- Have not been acknowledged
- Had to interrupt staff talking
- Had to interrupt staff having personal chats with customers
- Found someone hiding behind cupboards and texting on their phone
- Have been ignored
- Sold another brands product
- Sold down the price ladder
I could go on.
The point I am making is that it is PEOPLE that make the real difference. Whether you use agency staff or employ your own team, it is essential that the right people are put into place and that they are trained to a high standard.
We have a service called MYSTERY SHOPPER PLUS and we are asked to go and assess the experience that shoppers get when activations are on. We used experienced ex-retail managers who know what “should” happen.
Recently we assessed some activations and experienced broken fixtures, selling another brand, shoppers being ignored or just handed out samples – no engagement, not even a smile.
Without the right people Activations are just wallpaper…. Or even worse!
The Commercial Impact
Activations can cost tens of thousands of pounds to design, build, install and run for a relatively short period of time. The commercial element has to be considered. As one of my old commercial finance bosses would say – “Does it wash its face?” meaning, does it pay for itself?
Based on hundreds of evaluations I have done on activations during my career, there is a possibility that incremental sales may not cover the cost of the activation. As an industry, we have to be realistic though and remember that this is about having your brand exposed to the world. Where else do you get thousands of eager potential shoppers walking past your brand?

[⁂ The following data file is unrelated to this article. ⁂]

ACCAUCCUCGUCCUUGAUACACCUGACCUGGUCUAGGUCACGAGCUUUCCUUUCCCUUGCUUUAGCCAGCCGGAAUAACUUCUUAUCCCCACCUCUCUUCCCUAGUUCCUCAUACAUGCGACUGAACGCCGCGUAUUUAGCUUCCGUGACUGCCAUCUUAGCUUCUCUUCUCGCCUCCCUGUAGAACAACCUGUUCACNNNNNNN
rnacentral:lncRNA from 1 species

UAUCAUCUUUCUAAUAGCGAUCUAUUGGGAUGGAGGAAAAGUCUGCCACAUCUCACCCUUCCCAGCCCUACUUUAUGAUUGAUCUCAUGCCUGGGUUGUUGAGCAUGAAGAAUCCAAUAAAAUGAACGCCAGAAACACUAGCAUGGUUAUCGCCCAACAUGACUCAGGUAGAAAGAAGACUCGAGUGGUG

Rather than a profit driving mechanic, an activation becomes a bold statement about your brand.
So? Are Activations Worth It In Travel Retail?
Depending on how the final part of the puzzle is dealt with (the in-store execution), it can be a great way to drive additional focus and create great brand awareness in store. Done well, it can drive incremental sales and profit. My final advice for this article is:
- Use decent front line staff to work on the activation
- Train the staff well
- Incentivise the staff
- Measure, Measure, Measure
- Experiment to find the best option for you
If you want to know how your team are performing in store or you want an evaluation on your in-store activation, drop me a line at firstname.lastname@example.org. I will share with you our unique approach to Mystery Shopping that will deliver powerful insights and get results.
Thanks for reading.